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When Roslindale had a record store

Nick Elias recounts his days working at Sight and Sound, on Corinth Street and Poplar Street in Rozzie Square, at first as one of George Aymie's employees, later as a partner:

It was a big, fun, loud, extended, dysfunctional family - the most fun I ever had! I also expanded my knowledge of records, old and new and between George and myself, we knew or at least knew of any record. tape or cd that our customers would ask for. Our motto was, "Don't know it ? Just hum it ! " In those days, even if you didn't have what they wanted, you could just make a call to Bobby in Quincy or Steve in Everett and sure enough, one of them had it. And once or twice a week George and I would make the rounds to some of the other shops or One-Stops (distributors) and pick up the last week's requests.

If you knew Nick back in the day, you can say hi to him in the Square again - he saw the writing on the wall for record shop, went to barber school and, after a long spell cutting hair in Cambridge, now has a chair at his sister Vicky's Rialto barber shop.

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That was also the motto of Big John's Oldies but Goodies Land in the Combat Zone, in the 1960s. A classic record store for lovers of '50s and early '60s rock and blues. Skippy White later spun off his record store and I believe he used the same slogan.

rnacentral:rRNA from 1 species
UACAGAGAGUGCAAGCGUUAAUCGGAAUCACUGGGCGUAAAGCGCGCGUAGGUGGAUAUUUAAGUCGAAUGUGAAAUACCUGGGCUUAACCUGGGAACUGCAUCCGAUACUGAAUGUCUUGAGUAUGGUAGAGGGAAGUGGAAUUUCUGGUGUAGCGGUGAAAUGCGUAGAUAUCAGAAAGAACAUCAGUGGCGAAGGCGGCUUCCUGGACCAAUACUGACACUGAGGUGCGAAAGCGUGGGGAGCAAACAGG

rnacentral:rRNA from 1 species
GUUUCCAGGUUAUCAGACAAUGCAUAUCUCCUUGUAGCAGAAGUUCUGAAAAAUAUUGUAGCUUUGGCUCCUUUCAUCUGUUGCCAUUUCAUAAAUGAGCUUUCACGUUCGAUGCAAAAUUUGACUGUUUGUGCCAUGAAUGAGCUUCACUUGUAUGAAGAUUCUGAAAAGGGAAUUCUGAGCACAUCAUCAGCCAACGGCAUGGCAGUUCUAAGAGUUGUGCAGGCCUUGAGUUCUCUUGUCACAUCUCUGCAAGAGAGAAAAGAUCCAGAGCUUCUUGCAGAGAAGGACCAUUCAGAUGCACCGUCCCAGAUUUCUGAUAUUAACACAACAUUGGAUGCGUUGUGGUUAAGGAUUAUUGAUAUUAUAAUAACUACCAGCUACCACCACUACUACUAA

Here's a Globe obituary for Big John Belmonte, from 2012:

For some reason Google thinks the store is still in business, but no, it's long gone.

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I think Skippy's version of the motto was "just whistle it, Skippy will know it!" No doubt there are many variations and yes, those guys really could recognize it. Kind of sad that Shazam and other apps have replaced that skill.

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The name of the record store at the corner of Woodrow Avenue and Blue Hill Avenue in Dorchester near Mattapan? I used to love that place.

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